I had not left home yet to go to work that day when an in-law called to tell me to turn on the television.
One heavily-fueled jet had already slammed into one tower. People were dying, desperate to be saved from whatever this was, wherever this attack came from. I was a reporter at the New York Daily News then and the biggest story in several lifetimes hit the city and I was separated from it by a river and bridges and tunnels that were blocked, with no way to get in.
I considered myself a hard-bitten reporter and I’d covered cataclysmic events, usually in other countries. But, the day after the attacks, as I walked through Lower Manhattan, I was shocked to see army tanks and heavilly-armed U.S. military personnel rumbling through the cindered city.
I quickly lost whatever degree of arrogance or pride girded my professional self. Feelings of loss, anguish and more than a little bit of dread nestled within me.
I ran into Daily News colleague Maki Becker walking toward me, coming seemingly from the deepest reaches of the disaster zone. We hugged, told each other where we were going and what we were doing, then continued on our ways.
In the days, weeks and months that followed, I remember covering funerals all over the place, in Jersey and on Long Island and in every borough–Cantor Fitzgerald traders in Passaic, New Jersey, firefighters, police officers and people from all walks of life. I was witness and chronicled those remembrances and memorials.
One of my strongest memories occurred the very day after the attacks. A friend of mine helped reunite a young family that had become separated after the attacks.
Usually, you try not to get too close to the people that you write stories about, or those who help you get those stories. You want to remain objective and keep a clear eye. In Rowena’s case, it was difficult to hew to that principle. I don’t remember when or on what story I first met Rowena but she was a bright shining light from the very first moment I met her, armed with an in infectious smile that would quickly grow into a chuckle, then a laugh.
It was impossible not to like her. So we became friends.
I may have sought her out the day after the attacks because I knew she lived not too far from the towers. Or, maybe, I just ran into her. In the seemingly endless procession of lost people leaving those doomed towers and its neighborhoods, Rowena was busy reuniting a couple and their five-year-old son who had become separated after the attacks. Either the boy and his father were looking for his mother, or the boy and his mother were looking for his father. I forget which. Rowena came across a pair of them during the day’s tumult, cared for them in her apartment, then helped them scour the city until the whole family was reunited the next day.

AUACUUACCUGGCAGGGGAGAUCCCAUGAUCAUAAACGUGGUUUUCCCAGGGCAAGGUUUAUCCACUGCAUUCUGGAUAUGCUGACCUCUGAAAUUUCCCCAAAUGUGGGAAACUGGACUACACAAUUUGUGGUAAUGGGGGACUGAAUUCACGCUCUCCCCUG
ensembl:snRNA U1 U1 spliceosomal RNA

The man was Egyptian and the woman was either a Swiss or German. They had met when the woman vacationed in the Egyptian resort city of Sharm el-Sheikh and, against impossible odds, had married. They were vacationing in New York City when the attackers brought death and destruction to us.
I was very moved by them, their story, which I never got to write, and by Rowena, who remained true to form.
Much, of course, happened in the intervening years since the attack. I wonder what happened to that couple and their son. Did their family grow, remained intact and thrived?
Or did the wars and the ugliness of the world that followed swallow them, too?
Me, I drifted out of journalism and out of touch with Rowena. My two sons–one was four and half years old the other was six months old–grew, with the older one growing taller than me this past summer and starting high school this fall.
Rowena got married and now lives in Brooklyn. Though we remain tethered by social network connections, we have not seen each other in years and those years have really worn away the very real connection we had.
I know wherever she is today, Rowena is brightening someone’s life, offering a hand of help or support, doing some good in the world.
My thought on this terrible anniversary is that we should all aim to be a little bit like my friend.